For the 1st time in 3 half years we thought some good luck and hopefully news had finally struck. ken clarke well done!. you built up hope for all that are suffering only to knock us down even harder. Stop cowering and back pedalling and allow us a something, even just a date and some hope in getting our love ones home.

  31. Ramon1940
    November 4, 2011 at 7:33 pm

    And this is a Government which condems other Nations for their records on Human Rights.
    We should all get together and send a petition to the ECHR in the name of all the IPP prisoners who have served their minimum time.

    • mohamed abucar
      January 29, 2012 at 2:36 pm

      hi there i love the idead i would love to sign the Petition to ECHR
      could you kindly tell me how.
      this ipp is a waste and joke and allot of money thats is costing us tax payers and in return all we get is our loved once in jail and we paying for it many thanks

  32. maggie
    November 4, 2011 at 5:55 pm

    my son got 5 year ipp ( not sexual or violent ) his now 2 and half year over tariff, done all the courses etc but still refused parole, its a never-ending nightmare for him and his family now ive just given up all hope of him getting out..this country has messed up big time

  33. CAR
    November 4, 2011 at 4:31 pm

    I am not suprised at all at this decision as Cammeron and the like have no balls and fall at the first fence at the thought of confrontation with his fellow MP’s and back benchers who are so full of their own importance and the power they hold over these poor prison individuals, who like many have said, over half of them should never have been given an IPP. This Theresa May deserves to burn in hell for all that she is putting these forgotten prisoners with no hope of freedom. I and many others would like to come face to face with her tell her what she is doing to families, mothers, fathers, children and many many relatives. What are we teaching our children who visit their loved ones in prison. OH it is OK to be in prison I go and see my daddy, mummy, aunt or uncle etc etc,a they are all doing well and are nice and happy when they see us. We are bringing our children up to accept prison as a part of the normal life. Theresa May should have a taste of her own medicine and see if she would like to be locked away for an unknown period of time with no chance of parole on the 1st application and having to prove to untrained probation/parole staff that she is fit to be released. This is abominable and I wish we could all get together and demonstrate the wrong that she is doing to so many HUMAN BEINGS.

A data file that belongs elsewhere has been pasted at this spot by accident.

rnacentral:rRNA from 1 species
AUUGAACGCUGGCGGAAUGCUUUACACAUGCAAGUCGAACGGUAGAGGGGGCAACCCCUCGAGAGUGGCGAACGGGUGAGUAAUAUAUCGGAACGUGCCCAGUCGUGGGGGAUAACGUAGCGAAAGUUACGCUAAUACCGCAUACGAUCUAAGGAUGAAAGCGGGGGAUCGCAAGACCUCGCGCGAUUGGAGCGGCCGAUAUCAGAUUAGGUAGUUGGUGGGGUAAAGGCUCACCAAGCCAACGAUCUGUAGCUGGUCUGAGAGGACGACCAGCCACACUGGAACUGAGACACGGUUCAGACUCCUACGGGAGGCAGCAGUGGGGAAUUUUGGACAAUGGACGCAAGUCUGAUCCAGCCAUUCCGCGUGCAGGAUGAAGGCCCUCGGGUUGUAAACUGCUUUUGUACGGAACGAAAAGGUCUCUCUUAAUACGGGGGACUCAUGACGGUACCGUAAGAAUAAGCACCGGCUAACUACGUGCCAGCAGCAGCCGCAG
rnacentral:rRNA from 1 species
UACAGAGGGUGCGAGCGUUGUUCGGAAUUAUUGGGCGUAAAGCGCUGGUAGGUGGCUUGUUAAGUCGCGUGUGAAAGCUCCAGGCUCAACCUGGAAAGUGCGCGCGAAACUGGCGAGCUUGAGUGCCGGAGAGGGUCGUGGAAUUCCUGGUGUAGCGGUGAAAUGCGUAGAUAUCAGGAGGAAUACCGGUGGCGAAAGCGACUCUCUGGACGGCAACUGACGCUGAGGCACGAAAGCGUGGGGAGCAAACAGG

34. Karen Knights
    November 4, 2011 at 4:02 pm

    My son was given an eight month minimum tariff, he has now served three and a half years and just been told he must wait another 18 months for a parole hearing which when it comes will undoubtedly say he must do yet another programme even though he has already completed the extended. Because of public opinion and media hype families are unable to do much to be heard for fear of victimisation. I too am a mother with no hope anymore the people who make these decisions only to promote their own political ambitions have no concept of the affects on prisoners and family members. Our sons are being punished for crimes they might commit not for what they have done.

  35. Susan Pink
    November 4, 2011 at 1:33 pm

    my son is four years over tariff of a 20 months sentance still in a cat b prison just told another 18 months befor parole hearing.
    My hopes are dashed i now feel that he will never be set free.
    He will never see his grandmother again she is 88 and his son is 19 and misses him every day.
    He didnt deserve a 8 year equivalent sentance and still ongoing
    Even if he ever gets out i know he stands a good chance of being returned for the slightest thing.
    From a mother with no hope anymore.

    • Raymond Peytors -
      November 4, 2011 at 1:49 pm

      The new release test may be the answer. The problem, as always with this awful sentence, is the time it takes for any changes to be made and implemented. – Editor

      • michel gales
        November 24, 2011 at 5:00 pm

        most of the time you do not get a say in or on the parole bord some young probashon who has only met the prisoner for 20 minits has the say if the propashon do not like the look of the prisner your f////d

  36. jenney
    November 4, 2011 at 1:18 pm

    Why am I not surprised? Theresa May is like all home secretaries and only interested in her own power. Cameron is weak and if it was not for Clarke there would be no hope at all. When will people wake up to what a nasty vindictive country this has become?